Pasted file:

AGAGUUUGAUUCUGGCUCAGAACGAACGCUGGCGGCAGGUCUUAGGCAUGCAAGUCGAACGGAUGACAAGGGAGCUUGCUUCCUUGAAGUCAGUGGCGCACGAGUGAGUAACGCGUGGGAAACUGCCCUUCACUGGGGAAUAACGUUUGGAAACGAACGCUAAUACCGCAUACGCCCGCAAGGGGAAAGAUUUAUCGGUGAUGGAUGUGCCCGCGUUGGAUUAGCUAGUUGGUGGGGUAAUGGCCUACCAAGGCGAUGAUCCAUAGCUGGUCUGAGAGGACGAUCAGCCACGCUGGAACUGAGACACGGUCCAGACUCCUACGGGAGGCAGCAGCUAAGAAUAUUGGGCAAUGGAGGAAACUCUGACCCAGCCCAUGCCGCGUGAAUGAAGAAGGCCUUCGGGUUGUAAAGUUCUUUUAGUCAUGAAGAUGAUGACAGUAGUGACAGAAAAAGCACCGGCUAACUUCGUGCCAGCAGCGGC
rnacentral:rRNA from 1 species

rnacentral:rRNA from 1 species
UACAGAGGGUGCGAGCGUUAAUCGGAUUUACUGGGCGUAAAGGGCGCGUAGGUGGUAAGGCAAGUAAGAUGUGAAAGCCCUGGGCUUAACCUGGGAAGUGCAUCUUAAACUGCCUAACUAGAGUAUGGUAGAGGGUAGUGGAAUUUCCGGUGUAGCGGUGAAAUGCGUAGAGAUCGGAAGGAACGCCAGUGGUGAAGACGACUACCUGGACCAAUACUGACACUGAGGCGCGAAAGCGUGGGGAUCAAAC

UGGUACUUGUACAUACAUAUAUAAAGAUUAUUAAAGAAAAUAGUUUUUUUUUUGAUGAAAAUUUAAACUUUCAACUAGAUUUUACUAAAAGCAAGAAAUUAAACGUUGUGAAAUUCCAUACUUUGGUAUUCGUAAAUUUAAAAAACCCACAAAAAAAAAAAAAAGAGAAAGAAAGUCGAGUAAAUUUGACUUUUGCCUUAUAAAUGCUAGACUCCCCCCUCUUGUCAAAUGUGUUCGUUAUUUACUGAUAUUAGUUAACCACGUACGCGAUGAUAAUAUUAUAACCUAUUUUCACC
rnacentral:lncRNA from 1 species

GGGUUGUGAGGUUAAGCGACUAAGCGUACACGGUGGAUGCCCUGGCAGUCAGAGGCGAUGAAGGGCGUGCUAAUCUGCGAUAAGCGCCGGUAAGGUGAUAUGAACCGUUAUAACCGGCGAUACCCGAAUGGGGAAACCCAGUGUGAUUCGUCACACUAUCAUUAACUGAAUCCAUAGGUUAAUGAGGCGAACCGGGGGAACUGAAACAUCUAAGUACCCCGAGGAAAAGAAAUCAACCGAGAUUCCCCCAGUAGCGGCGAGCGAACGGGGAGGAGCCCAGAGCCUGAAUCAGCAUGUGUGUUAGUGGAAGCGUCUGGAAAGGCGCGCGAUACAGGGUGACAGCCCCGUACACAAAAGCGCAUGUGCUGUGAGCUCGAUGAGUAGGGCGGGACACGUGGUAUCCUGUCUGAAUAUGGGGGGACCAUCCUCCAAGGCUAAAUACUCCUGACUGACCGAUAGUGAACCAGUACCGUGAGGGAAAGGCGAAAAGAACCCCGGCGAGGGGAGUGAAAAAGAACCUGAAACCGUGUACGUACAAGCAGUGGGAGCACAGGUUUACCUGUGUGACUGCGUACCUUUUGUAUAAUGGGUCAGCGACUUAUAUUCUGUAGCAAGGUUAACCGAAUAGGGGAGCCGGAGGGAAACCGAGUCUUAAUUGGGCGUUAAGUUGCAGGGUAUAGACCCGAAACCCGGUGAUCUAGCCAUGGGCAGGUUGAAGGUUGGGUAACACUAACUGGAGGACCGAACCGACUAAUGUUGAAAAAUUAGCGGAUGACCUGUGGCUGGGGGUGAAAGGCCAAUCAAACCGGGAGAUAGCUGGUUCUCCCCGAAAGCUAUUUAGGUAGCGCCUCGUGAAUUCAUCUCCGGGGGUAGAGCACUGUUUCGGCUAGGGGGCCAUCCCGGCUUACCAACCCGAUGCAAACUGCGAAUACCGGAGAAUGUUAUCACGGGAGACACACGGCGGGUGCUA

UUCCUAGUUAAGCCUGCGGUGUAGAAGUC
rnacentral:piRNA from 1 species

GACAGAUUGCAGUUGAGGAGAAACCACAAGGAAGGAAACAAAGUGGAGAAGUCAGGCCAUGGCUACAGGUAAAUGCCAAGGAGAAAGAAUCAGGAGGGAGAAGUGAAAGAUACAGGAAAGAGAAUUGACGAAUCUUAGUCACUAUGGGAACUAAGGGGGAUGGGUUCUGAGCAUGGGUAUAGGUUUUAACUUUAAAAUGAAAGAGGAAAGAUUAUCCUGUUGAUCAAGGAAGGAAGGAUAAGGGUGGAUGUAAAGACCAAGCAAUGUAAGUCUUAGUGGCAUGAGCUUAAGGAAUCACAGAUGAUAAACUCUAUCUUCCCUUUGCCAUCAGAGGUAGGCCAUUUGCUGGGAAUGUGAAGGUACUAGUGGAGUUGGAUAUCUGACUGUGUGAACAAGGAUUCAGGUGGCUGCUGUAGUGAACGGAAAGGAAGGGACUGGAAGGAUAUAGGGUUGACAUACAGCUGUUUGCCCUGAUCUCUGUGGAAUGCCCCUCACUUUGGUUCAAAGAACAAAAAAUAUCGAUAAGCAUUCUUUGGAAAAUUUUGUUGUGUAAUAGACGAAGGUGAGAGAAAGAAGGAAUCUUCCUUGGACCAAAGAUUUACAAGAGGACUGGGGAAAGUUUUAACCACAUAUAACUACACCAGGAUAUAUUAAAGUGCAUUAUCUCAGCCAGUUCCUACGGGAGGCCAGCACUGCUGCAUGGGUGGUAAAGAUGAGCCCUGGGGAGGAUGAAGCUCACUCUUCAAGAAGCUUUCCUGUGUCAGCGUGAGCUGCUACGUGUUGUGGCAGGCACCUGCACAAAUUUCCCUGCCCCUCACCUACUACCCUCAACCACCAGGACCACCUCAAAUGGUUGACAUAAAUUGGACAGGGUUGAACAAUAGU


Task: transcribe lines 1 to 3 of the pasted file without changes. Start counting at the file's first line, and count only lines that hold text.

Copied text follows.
AGAGUUUGAUUCUGGCUCAGAACGAACGCUGGCGGCAGGUCUUAGGCAUGCAAGUCGAACGGAUGACAAGGGAGCUUGCUUCCUUGAAGUCAGUGGCGCACGAGUGAGUAACGCGUGGGAAACUGCCCUUCACUGGGGAAUAACGUUUGGAAACGAACGCUAAUACCGCAUACGCCCGCAAGGGGAAAGAUUUAUCGGUGAUGGAUGUGCCCGCGUUGGAUUAGCUAGUUGGUGGGGUAAUGGCCUACCAAGGCGAUGAUCCAUAGCUGGUCUGAGAGGACGAUCAGCCACGCUGGAACUGAGACACGGUCCAGACUCCUACGGGAGGCAGCAGCUAAGAAUAUUGGGCAAUGGAGGAAACUCUGACCCAGCCCAUGCCGCGUGAAUGAAGAAGGCCUUCGGGUUGUAAAGUUCUUUUAGUCAUGAAGAUGAUGACAGUAGUGACAGAAAAAGCACCGGCUAACUUCGUGCCAGCAGCGGC
rnacentral:rRNA from 1 species

rnacentral:rRNA from 1 species